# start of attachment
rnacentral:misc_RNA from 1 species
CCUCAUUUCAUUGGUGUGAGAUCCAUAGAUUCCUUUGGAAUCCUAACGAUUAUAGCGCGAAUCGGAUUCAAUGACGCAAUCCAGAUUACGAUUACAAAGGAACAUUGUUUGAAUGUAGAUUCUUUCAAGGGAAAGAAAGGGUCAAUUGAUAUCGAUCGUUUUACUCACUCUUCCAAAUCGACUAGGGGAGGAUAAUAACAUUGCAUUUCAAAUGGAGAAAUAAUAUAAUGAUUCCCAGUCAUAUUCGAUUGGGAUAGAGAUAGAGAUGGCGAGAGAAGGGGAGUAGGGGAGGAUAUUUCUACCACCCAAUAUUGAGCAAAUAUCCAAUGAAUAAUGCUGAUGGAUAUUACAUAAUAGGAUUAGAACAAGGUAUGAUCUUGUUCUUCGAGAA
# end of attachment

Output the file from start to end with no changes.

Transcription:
rnacentral:misc_RNA from 1 species
CCUCAUUUCAUUGGUGUGAGAUCCAUAGAUUCCUUUGGAAUCCUAACGAUUAUAGCGCGAAUCGGAUUCAAUGACGCAAUCCAGAUUACGAUUACAAAGGAACAUUGUUUGAAUGUAGAUUCUUUCAAGGGAAAGAAAGGGUCAAUUGAUAUCGAUCGUUUUACUCACUCUUCCAAAUCGACUAGGGGAGGAUAAUAACAUUGCAUUUCAAAUGGAGAAAUAAUAUAAUGAUUCCCAGUCAUAUUCGAUUGGGAUAGAGAUAGAGAUGGCGAGAGAAGGGGAGUAGGGGAGGAUAUUUCUACCACCCAAUAUUGAGCAAAUAUCCAAUGAAUAAUGCUGAUGGAUAUUACAUAAUAGGAUUAGAACAAGGUAUGAUCUUGUUCUUCGAGAA